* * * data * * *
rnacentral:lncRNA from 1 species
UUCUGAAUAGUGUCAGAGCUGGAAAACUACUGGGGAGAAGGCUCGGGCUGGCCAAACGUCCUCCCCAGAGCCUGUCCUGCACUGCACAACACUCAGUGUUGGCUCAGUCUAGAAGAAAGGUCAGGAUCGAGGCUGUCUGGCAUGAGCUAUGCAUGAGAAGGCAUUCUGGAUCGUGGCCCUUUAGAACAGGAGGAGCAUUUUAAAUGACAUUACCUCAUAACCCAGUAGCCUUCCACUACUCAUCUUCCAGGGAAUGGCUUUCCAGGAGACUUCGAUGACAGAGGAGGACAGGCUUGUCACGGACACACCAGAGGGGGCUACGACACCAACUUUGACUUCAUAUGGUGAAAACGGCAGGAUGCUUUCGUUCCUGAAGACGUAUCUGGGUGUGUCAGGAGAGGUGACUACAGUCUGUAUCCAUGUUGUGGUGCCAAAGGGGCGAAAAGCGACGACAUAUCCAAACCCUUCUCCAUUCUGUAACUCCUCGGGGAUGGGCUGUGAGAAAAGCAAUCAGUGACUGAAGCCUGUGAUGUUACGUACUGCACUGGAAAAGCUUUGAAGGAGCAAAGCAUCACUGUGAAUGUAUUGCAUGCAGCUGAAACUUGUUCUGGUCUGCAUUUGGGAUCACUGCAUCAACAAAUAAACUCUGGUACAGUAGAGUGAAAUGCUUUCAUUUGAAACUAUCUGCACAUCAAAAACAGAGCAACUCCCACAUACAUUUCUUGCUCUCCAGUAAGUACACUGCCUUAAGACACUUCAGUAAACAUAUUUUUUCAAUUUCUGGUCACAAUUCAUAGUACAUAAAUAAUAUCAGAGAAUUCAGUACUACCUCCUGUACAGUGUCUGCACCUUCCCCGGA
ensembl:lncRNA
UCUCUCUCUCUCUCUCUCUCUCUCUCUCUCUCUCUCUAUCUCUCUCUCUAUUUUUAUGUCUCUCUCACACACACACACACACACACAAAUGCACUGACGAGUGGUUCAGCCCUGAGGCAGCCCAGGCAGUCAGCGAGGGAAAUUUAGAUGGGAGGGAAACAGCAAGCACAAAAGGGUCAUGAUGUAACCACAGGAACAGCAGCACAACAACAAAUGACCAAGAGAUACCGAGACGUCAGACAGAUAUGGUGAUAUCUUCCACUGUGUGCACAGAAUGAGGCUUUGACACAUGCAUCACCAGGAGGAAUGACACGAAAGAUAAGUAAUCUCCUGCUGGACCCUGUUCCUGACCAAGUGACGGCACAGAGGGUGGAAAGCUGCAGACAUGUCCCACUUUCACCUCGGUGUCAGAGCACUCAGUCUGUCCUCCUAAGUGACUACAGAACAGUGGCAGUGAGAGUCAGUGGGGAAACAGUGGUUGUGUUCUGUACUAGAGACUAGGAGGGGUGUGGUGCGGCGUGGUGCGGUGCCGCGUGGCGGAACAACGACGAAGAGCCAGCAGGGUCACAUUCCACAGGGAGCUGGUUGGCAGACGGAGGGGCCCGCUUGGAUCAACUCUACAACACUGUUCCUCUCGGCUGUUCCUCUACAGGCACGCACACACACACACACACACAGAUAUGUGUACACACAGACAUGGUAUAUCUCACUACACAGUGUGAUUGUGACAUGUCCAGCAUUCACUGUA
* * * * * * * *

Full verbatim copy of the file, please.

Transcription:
rnacentral:lncRNA from 1 species
UUCUGAAUAGUGUCAGAGCUGGAAAACUACUGGGGAGAAGGCUCGGGCUGGCCAAACGUCCUCCCCAGAGCCUGUCCUGCACUGCACAACACUCAGUGUUGGCUCAGUCUAGAAGAAAGGUCAGGAUCGAGGCUGUCUGGCAUGAGCUAUGCAUGAGAAGGCAUUCUGGAUCGUGGCCCUUUAGAACAGGAGGAGCAUUUUAAAUGACAUUACCUCAUAACCCAGUAGCCUUCCACUACUCAUCUUCCAGGGAAUGGCUUUCCAGGAGACUUCGAUGACAGAGGAGGACAGGCUUGUCACGGACACACCAGAGGGGGCUACGACACCAACUUUGACUUCAUAUGGUGAAAACGGCAGGAUGCUUUCGUUCCUGAAGACGUAUCUGGGUGUGUCAGGAGAGGUGACUACAGUCUGUAUCCAUGUUGUGGUGCCAAAGGGGCGAAAAGCGACGACAUAUCCAAACCCUUCUCCAUUCUGUAACUCCUCGGGGAUGGGCUGUGAGAAAAGCAAUCAGUGACUGAAGCCUGUGAUGUUACGUACUGCACUGGAAAAGCUUUGAAGGAGCAAAGCAUCACUGUGAAUGUAUUGCAUGCAGCUGAAACUUGUUCUGGUCUGCAUUUGGGAUCACUGCAUCAACAAAUAAACUCUGGUACAGUAGAGUGAAAUGCUUUCAUUUGAAACUAUCUGCACAUCAAAAACAGAGCAACUCCCACAUACAUUUCUUGCUCUCCAGUAAGUACACUGCCUUAAGACACUUCAGUAAACAUAUUUUUUCAAUUUCUGGUCACAAUUCAUAGUACAUAAAUAAUAUCAGAGAAUUCAGUACUACCUCCUGUACAGUGUCUGCACCUUCCCCGGA
ensembl:lncRNA
UCUCUCUCUCUCUCUCUCUCUCUCUCUCUCUCUCUCUAUCUCUCUCUCUAUUUUUAUGUCUCUCUCACACACACACACACACACACAAAUGCACUGACGAGUGGUUCAGCCCUGAGGCAGCCCAGGCAGUCAGCGAGGGAAAUUUAGAUGGGAGGGAAACAGCAAGCACAAAAGGGUCAUGAUGUAACCACAGGAACAGCAGCACAACAACAAAUGACCAAGAGAUACCGAGACGUCAGACAGAUAUGGUGAUAUCUUCCACUGUGUGCACAGAAUGAGGCUUUGACACAUGCAUCACCAGGAGGAAUGACACGAAAGAUAAGUAAUCUCCUGCUGGACCCUGUUCCUGACCAAGUGACGGCACAGAGGGUGGAAAGCUGCAGACAUGUCCCACUUUCACCUCGGUGUCAGAGCACUCAGUCUGUCCUCCUAAGUGACUACAGAACAGUGGCAGUGAGAGUCAGUGGGGAAACAGUGGUUGUGUUCUGUACUAGAGACUAGGAGGGGUGUGGUGCGGCGUGGUGCGGUGCCGCGUGGCGGAACAACGACGAAGAGCCAGCAGGGUCACAUUCCACAGGGAGCUGGUUGGCAGACGGAGGGGCCCGCUUGGAUCAACUCUACAACACUGUUCCUCUCGGCUGUUCCUCUACAGGCACGCACACACACACACACACACAGAUAUGUGUACACACAGACAUGGUAUAUCUCACUACACAGUGUGAUUGUGACAUGUCCAGCAUUCACUGUA